On 10 April 2018, the Finnish Competition and Consumer Authority (FCCA) called on the Market Court to impose sanctions against the town of Pargas for awarding contracts the value of which exceeded the EU threshold without competitive tendering contrary to the Act on Public Contracts.
On 6 June 2017, the town of Pargas decided to relinquish its food services as a transfer of a business to Arkea Oy, which is owned by municipalities and joint municipal authorities. At the same time, the town purchased 1,000 shares in Arkea Oy, representing a 0.12 per cent shareholding in the company. In conjunction with the transfer of the business, the town also concluded with Arkea Oy a service agreement for providing food services for seven years and an agreement for a potential two-year option period. The value of the contract, including options, would potentially exceed EUR 20 million.
Although the outsourcing of services included several agreements, the main object of the contractual framework was the procurement of food services falling within the scope of the Act on Public Contracts, which should have been put out to tender. According to the FCCA’s investigation, Arkea Oy is not an in-house entity of Pargas, so the procurement was not possible without competitive tendering on this basis either. According to the view of the FCCA, when outsourcing the food service the town should have called for bids from food service providers and put the contract, including all terms and conditions, out to tender in accordance with the Act on Public Contracts. As the procurement does not lie outside the scope of the Act on Public Contracts, and the town of Pargas has failed to put the procurement out to tender, the action has constituted illegal direct procurement.
The FCCA proposes that the Market Court find the service agreement concluded to be inefficient with respect to the contractual obligations yet unfulfilled, and quash
the procurement decision. In addition, the FCCA proposes that the Market Court impose a penalty fine of EUR 200,000 on the town of Pargas. In the alternative, if the Market Court refrains from imposing an inefficiency sanction for overriding reasons relating to the public interest, the FCCA proposes that instead of the inefficiency sanction the Market Court should shorten the term of the agreement to expire after six months as from the date the decision delivered by the court has gained legal force.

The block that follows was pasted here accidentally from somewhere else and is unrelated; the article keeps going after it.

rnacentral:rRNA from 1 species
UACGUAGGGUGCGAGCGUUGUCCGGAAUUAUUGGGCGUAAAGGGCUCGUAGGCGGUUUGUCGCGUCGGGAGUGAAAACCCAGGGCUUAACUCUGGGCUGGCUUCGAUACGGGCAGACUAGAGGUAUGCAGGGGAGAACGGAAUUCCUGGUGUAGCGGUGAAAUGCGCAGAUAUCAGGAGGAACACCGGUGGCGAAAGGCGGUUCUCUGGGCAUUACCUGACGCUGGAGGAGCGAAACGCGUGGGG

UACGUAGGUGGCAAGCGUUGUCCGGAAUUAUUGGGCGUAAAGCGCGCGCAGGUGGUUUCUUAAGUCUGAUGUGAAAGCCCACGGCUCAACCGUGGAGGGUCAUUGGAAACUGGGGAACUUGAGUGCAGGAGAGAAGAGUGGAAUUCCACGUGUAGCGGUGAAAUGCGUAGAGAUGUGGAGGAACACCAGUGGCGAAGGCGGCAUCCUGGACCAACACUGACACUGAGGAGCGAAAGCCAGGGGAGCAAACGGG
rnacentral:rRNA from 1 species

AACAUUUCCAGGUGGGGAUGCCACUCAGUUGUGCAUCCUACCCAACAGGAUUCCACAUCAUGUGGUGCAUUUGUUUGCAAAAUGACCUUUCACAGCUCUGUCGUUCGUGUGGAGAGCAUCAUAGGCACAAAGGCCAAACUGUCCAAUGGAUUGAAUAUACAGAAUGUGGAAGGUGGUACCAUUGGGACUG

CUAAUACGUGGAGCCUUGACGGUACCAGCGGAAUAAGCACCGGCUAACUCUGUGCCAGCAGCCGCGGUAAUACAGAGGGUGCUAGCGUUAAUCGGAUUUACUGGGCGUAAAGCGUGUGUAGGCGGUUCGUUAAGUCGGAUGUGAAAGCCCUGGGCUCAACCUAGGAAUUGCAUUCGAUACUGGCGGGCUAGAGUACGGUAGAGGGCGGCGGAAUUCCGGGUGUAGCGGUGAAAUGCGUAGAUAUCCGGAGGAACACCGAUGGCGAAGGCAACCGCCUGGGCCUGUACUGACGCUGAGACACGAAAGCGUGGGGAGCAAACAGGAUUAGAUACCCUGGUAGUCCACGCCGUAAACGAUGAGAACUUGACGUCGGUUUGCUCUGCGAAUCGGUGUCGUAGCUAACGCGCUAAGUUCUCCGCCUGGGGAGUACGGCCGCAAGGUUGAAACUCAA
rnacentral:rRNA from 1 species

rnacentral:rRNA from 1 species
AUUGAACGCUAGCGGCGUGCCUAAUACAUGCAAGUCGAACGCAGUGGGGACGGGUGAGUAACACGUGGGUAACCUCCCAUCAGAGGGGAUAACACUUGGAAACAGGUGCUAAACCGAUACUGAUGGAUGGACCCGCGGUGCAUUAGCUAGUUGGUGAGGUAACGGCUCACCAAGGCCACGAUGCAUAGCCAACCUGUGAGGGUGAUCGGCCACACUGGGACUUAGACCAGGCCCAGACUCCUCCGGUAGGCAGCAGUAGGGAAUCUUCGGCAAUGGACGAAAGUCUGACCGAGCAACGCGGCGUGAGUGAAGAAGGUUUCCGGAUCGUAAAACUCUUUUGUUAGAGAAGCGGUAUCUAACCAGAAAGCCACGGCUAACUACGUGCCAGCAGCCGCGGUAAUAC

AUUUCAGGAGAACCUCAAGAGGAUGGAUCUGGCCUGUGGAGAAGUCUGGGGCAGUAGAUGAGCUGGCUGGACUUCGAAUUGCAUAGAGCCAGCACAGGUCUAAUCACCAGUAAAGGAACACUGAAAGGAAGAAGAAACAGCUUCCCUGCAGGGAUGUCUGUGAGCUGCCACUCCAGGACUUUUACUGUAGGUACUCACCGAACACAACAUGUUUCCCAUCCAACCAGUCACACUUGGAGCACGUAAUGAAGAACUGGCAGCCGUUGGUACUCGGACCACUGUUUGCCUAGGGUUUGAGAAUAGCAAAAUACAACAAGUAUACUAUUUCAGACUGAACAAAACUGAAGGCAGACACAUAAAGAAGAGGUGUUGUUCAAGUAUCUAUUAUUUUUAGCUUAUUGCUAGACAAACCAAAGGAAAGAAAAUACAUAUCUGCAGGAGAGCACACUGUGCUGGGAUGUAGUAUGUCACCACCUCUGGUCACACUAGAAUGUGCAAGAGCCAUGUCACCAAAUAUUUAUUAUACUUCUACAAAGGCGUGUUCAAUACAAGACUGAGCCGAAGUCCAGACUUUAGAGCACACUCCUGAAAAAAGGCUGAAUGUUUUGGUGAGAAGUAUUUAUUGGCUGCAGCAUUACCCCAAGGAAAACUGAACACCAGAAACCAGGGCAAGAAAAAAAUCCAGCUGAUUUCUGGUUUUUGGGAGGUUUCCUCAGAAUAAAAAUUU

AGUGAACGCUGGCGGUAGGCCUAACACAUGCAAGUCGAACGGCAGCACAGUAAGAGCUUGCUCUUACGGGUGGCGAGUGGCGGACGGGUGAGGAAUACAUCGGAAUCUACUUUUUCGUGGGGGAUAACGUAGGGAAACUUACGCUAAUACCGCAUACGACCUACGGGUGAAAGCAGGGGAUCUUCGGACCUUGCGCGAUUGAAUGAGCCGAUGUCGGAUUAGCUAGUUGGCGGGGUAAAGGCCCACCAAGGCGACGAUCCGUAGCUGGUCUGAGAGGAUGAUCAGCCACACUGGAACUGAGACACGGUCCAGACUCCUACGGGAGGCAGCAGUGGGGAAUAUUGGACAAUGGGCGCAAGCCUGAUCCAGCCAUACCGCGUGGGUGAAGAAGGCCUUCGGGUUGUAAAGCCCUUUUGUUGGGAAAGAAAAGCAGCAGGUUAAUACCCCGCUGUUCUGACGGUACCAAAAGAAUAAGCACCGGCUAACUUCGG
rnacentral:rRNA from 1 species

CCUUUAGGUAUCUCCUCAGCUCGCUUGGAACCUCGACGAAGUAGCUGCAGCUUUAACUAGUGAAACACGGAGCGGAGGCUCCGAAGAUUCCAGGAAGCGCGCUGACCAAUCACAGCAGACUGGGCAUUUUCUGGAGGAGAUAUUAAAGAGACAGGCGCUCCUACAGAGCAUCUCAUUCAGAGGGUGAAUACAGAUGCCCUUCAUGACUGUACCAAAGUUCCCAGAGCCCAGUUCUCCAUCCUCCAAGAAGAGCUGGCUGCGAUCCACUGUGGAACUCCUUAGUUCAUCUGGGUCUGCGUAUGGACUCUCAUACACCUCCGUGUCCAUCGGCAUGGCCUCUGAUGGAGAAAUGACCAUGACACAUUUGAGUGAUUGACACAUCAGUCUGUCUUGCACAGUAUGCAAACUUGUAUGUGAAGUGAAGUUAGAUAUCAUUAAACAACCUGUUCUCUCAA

The FCCA took up the matter for investigation on its own initiative. The FCCA actively monitors procurements by contracting authorities and takes up suspected infringements for close inspection where necessary. It is in the common interest of all parties that procurement procedures are conducted transparently, in a non-discriminatory way, whilst using public funds in an effective manner.
Maarit Taurula, Head of Research, tel +358 29 505 3381
Elisa Aalto, Research Officer, tel. +358 29 505 3683
Section 139 of the Act on Public Procurement and Concession Contracts (Act no. 1397 of 2016; “Act on Public Contracts”) mandates the Finnish Competition and Consumer Authority to supervise compliance with public contracts legislation. If it encounters illegalities, the FCCA may caution a contracting authority or provide other administrative guidance referred to in section 53 c of the Administrative Procedure Act (Act no. 434 of 2003). In case of illegal direct procurement, the FCCA may forbid the implementation of a procurement decision on the basis of section 140 of the Act on Public Contracts. If direct procurements exceed EU thresholds, the FCCA may also propose that the Market Court impose sanctions, such as penalty payments, shortening of the contract, or the annulment of a procurement decision. The same applies to service acquisitions exceeding national threshold levels referred to in Appendix E of the Act on Public Contracts, carried out as direct procurement without legal grounds. However, a motion cannot be put forward to the Market Court if the contracting authority has posted a direct procurement notice regarding the procurement as per section 131 of the Act on Public Contracts.
The FCCA’s supervisory powers apply to procurement initiated after the Act on Public Contracts entered into force, that is, 1 January 2017.